Connecticut Towns Seeking Tax Relief, More Education

by Christian Wade


Connecticut cities and towns are seeking tax relief and more money for education from the state as a new legislative session gets underway.

The Connecticut Conference of Municipalities has released a list of legislative priorities that its 168 municipal members believe “merit priority action” by Gov. Ned Lamont and the General Assembly before the regular session ends in June.

“Town and city leaders believe these proposals will help enhance particular essential services in their communities while at the same time providing fiscal relief from the level of local property taxation needed to pay for critical local services,” Joe DeLong, the conference’s CEO and executive director, said in a statement.

Topping the list of legislative requests is more education funding, with local governments covering more than 50% of the $12.3 billion in annual public school costs.

The conference wants lawmakers to accelerate a phase-in of the Education Cost Sharing Grant formula, and increase funding for special education and other programs.

Local leaders also are seeking increased reimbursement from the state for lost revenue from tax-exempt properties within their communities.

State law exempts nonprofit organizations from paying property tax, even if their cash-strapped communities are getting less money from the state and are forced to make cuts.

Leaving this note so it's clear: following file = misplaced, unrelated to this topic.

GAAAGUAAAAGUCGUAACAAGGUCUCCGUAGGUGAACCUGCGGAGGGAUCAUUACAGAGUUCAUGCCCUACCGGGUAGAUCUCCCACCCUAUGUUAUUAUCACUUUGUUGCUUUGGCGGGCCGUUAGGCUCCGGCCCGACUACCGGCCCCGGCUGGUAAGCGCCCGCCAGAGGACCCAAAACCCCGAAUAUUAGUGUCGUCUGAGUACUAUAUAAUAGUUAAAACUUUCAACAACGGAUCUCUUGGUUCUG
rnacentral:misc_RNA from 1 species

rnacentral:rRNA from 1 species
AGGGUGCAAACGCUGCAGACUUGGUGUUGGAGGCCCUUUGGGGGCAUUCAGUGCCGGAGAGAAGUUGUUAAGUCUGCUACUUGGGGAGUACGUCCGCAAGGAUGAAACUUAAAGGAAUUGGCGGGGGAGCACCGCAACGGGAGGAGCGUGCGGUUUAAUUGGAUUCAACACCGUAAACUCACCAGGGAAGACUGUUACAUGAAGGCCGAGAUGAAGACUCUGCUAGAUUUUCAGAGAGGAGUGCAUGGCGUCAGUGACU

The group said while the exemptions average about 12% statewide, nearly a dozen towns have tax exempt property boards of 20%, while several more are upwards of 50% exempt from local taxation.

“While these are the most extreme cases, property tax exemptions affect every town in Connecticut, with the result that the taxes paid by non-exempt taxpayers are higher than they would be without the exemptions,” the conference said.

Another request from the conference, calls for updating the state’s prevailing wage thresholds for renovations, which local leaders say will help them “make more efficient investments in infrastructure without increased reliance on revenue provided primarily by local property taxpayers.”

“While the prevailing wage threshold was adjusted to $1 million for new construction it has not kept up with inflation,” the group said.

The conference also wants lawmakers to lift a requirement that local governments publish documents and notices in print newspapers, which they argue is a costly mandate on towns and cities. Instead, they want the state to revive a COVID-19 emergency regulation allowing them to post notices on city and town websites.

Conference president Tom Dunn, mayor of Wolcott, is among local leaders urging the General Assembly to pass the proposals in the 2023 legislative session.

“These proposals are critical, common-sense initiatives to make life better and more affordable for Connecticut families and residents,” he said.

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Christian Wade is a contributor to The Center Square. 




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